US stocks plunge as bear market roars

Investing

Investors continue to fret over tighter monetary policy and set the stage for the Dow’s worst year-to-date performance since 2008.
New York Stock Exchange with US flags
Bond markets were rattled this week after the British government unveiled a messy plan to reduce taxes, further adding to general scepticism of central banks’ tactics from investors.

Markets sank on Friday to close a historically bad month and quarter, with the Dow Jones Industrial Average closing 22% below its January 5 peak.

The S&P fell 4%, its largest single-day loss of the year, on September 13 after data from the Labor Department revealed that consumer prices rose faster than expected in August, with investors expecting further rate hikes from the Fed as it attempts to bring down inflation.

Several other economic indicators released this month also demonstrated sticky inflation, with August core inflation surpassing analyst expectations and initial jobless claims hitting their lowest level in five months, a concern for investors as the Fed has expressed the need for the labor market to contract before stopping rate increases.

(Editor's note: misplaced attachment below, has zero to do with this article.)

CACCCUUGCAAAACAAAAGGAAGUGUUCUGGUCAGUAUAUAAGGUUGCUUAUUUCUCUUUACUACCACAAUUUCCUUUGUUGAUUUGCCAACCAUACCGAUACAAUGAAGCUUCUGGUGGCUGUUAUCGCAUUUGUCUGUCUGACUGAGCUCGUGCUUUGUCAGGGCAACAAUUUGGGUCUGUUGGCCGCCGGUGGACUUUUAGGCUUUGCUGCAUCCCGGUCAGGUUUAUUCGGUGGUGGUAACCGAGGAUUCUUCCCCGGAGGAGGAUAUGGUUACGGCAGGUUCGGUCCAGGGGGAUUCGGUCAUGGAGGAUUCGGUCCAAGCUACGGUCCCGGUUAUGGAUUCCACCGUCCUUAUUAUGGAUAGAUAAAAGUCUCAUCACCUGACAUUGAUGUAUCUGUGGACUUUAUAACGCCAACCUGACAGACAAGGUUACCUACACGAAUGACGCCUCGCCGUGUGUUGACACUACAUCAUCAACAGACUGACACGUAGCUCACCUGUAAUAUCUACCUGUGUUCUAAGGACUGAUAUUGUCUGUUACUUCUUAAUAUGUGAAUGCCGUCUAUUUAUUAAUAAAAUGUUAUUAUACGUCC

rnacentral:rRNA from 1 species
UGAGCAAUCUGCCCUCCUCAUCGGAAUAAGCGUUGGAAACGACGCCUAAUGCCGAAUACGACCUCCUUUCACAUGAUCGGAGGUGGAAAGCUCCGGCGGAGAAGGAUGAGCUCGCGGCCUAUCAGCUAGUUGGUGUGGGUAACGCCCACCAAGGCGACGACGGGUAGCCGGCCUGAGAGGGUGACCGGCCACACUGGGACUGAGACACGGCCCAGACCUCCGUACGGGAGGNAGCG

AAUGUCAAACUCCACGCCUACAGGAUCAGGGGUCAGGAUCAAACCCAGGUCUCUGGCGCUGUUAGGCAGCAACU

Lael Brainard, the Fed’s vice chair, said Friday that “monetary policy will need to be restrictive for some time,” expressing the central bank’s commitment to not reversing its tightening measures “prematurely.”

Bond markets were rattled this week after the British government unveiled a messy plan to reduce taxes, further adding to general skepticism of central banks’ tactics from investors.

Sevens Report analyst Tom Essaye wrote in a Friday note that the British government “further [shook] the market’s confidence in the institutions that are supposed to ensure orderly markets and stable economies.”

Russia illegally annexed four Ukrainian provinces Friday, and geopolitical risk from the ongoing war in Ukraine continues to weigh on markets. The Russian invasion “continues to add to market volatility, energy insecurity, and downside risks for economic growth,” Mark Haefele, UBS Wealth Management’s chief investment officer, wrote in a Friday note.

23%. That’s how much shares of cruise company Carnival sank Friday after the company reported dismal third quarter earnings bringing the stock to its lowest level in 30 years.

This article was first published on forbes.com


Stock Market Gloom ‘Worse Than Ever’ As Fed Signals It May Keep Tightening Until Recession (Forbes)

Peloton Shares Crash And Hit All-Time Low As Pandemic Stock Darlings Fall Back To Earth (Forbes)